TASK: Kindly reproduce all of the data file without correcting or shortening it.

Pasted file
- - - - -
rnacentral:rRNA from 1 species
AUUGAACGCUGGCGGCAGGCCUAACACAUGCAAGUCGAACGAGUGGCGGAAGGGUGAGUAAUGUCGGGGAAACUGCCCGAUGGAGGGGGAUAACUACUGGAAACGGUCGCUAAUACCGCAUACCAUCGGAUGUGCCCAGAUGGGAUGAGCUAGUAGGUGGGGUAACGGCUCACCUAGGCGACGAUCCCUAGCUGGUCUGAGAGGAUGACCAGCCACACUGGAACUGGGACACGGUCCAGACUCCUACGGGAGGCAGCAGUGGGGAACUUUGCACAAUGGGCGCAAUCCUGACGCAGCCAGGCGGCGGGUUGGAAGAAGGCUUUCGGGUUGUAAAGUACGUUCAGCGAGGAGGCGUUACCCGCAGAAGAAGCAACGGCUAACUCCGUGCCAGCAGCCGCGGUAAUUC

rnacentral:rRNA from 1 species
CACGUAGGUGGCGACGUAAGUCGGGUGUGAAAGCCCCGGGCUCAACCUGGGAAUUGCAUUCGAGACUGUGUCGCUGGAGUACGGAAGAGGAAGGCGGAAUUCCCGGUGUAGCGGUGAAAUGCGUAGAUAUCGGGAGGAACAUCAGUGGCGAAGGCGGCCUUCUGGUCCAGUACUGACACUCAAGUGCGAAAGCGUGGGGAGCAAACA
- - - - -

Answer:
rnacentral:rRNA from 1 species
AUUGAACGCUGGCGGCAGGCCUAACACAUGCAAGUCGAACGAGUGGCGGAAGGGUGAGUAAUGUCGGGGAAACUGCCCGAUGGAGGGGGAUAACUACUGGAAACGGUCGCUAAUACCGCAUACCAUCGGAUGUGCCCAGAUGGGAUGAGCUAGUAGGUGGGGUAACGGCUCACCUAGGCGACGAUCCCUAGCUGGUCUGAGAGGAUGACCAGCCACACUGGAACUGGGACACGGUCCAGACUCCUACGGGAGGCAGCAGUGGGGAACUUUGCACAAUGGGCGCAAUCCUGACGCAGCCAGGCGGCGGGUUGGAAGAAGGCUUUCGGGUUGUAAAGUACGUUCAGCGAGGAGGCGUUACCCGCAGAAGAAGCAACGGCUAACUCCGUGCCAGCAGCCGCGGUAAUUC

rnacentral:rRNA from 1 species
CACGUAGGUGGCGACGUAAGUCGGGUGUGAAAGCCCCGGGCUCAACCUGGGAAUUGCAUUCGAGACUGUGUCGCUGGAGUACGGAAGAGGAAGGCGGAAUUCCCGGUGUAGCGGUGAAAUGCGUAGAUAUCGGGAGGAACAUCAGUGGCGAAGGCGGCCUUCUGGUCCAGUACUGACACUCAAGUGCGAAAGCGUGGGGAGCAAACA